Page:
Avian blood may contain various disease agents, including viruses, bacteria, rickettsiae, protozoa, microfilariae, and rarely fungi. These organisms can be identified by microscopic examination of wet mounts, buffy coat, or blood smears or by appropriate culturing and molecular techniques. Microscopically, some are within blood cells (Plasmodium, Haemoproteus, Leucocytozoon, Isospora , Hepatozoon, Babesia, Aegyptianella), whereas others are free in the plasma (Trypanosoma, microfilariae, bacteria, spirochetes). None live exclusively in the blood; most are found in tissues but are present in blood during part of their life cycle. Some, such as microfilariae and Plasmodium, have numbers or stages of parasites that vary with time.
Avian Hemoparasites Causing Disease in Poultry
In such cases, examining multiple smears at intervals will increase the likelihood of obtaining a diagnosis. Seasonal variations in infection rates relate to the activity of arthropod vectors. Most bloodborne organisms are either uncommonly or not associated with clinical disease. Very young, weakened, or injured birds infected with hemoprotozoa may have higher mortality and slower recovery than uninfected birds. Examination for bloodborne organisms should be included in the clinical and diagnostic procedures for ill birds.
Thin blood smears should be made with blood directly from the bird, if possible. Anticoagulants, storage, and cooling of the blood can distort protozoal morphology and introduce artifacts. A Romanowsky-type stain that gives good polychromatic coloration (eg, Giemsa stain) should be used.
Bloodborne organisms in plasma or WBCs are concentrated in the buffy coat. Stained buffy coat smears are recommended to detect bacteria, spirochetes, and Leucocytozoon, Trypanosoma, or Isospora infections. Direct examination of the buffy coat by darkfield or phase contrast microscopy is an excellent technique to identify low numbers of motile organisms such as spirochetes and microfilariae. The buffy coat and all of the plasma should be expressed onto a glass slide and covered with a coverglass, which is depressed slightly to spread the buffy coat. The buffy coat/plasma interface should be examined with darkfield or reduced light microscopy to detect motile organisms.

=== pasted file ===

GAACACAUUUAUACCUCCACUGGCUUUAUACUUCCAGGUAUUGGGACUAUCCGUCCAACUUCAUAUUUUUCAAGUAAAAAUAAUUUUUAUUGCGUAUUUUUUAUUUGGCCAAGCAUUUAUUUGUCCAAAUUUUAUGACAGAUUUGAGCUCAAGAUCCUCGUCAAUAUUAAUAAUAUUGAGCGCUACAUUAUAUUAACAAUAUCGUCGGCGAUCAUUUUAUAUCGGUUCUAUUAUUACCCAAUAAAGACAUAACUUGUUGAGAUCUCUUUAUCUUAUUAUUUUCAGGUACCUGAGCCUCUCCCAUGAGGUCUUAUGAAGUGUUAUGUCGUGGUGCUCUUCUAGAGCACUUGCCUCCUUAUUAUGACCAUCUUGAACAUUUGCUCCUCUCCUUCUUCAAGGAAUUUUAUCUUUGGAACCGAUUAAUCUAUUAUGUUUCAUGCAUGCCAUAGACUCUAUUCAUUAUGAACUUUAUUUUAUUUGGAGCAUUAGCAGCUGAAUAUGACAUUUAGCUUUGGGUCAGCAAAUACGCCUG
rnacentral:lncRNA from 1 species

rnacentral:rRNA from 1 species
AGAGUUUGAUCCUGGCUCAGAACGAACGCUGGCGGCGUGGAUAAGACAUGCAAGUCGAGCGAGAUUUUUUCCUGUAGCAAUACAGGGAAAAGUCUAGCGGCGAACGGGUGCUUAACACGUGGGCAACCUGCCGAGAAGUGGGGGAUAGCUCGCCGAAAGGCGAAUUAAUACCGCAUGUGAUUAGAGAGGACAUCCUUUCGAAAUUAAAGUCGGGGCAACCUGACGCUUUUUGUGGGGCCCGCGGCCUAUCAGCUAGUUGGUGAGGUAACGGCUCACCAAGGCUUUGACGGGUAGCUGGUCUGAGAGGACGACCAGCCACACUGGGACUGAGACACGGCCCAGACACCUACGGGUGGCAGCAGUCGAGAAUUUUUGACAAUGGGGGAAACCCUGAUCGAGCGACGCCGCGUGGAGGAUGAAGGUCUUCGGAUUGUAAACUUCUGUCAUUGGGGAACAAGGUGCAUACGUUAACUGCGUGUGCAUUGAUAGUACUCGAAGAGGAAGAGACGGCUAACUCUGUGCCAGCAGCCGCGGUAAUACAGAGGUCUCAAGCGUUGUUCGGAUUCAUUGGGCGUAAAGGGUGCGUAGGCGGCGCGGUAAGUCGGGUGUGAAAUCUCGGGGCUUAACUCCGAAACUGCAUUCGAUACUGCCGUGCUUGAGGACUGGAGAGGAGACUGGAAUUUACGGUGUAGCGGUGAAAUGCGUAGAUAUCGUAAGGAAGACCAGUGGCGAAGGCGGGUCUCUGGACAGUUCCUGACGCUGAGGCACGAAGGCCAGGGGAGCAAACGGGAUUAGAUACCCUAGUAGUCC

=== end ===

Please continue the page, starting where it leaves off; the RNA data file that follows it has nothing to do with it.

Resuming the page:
To make a diagnosis of infection with an intracellular blood protozoan on a thin blood film, it first should be determined that the organisms in question are neither normal structures nor artifacts. The following should then be determined: the host cell and whether it is normal or deformed beyond identification, whether pigment granules (hemozoin) are present or absent, and whether merogony is occurring (see Table: Characteristics of Protozoa Encountered in Avian Blood). Identification of an organism beyond genus is difficult and usually unnecessary for clinical purposes.
Characteristics of Protozoa Encountered in Avian Blood
Organ cytology (impression smears) and blood smears are useful adjuncts to histopathology for postmortem examination.
Serologic and molecular diagnostic methods have been developed for avian hemoparasites. Molecular methods are very sensitive and can detect infection when parasite numbers are too low to be detected in blood or tissue smears or by histology. Hemoparasites can also be studied by subinoculation of infectious blood in birds of the same or a known susceptible avian species. Bacteria can usually be identified by blood culture and molecular methods.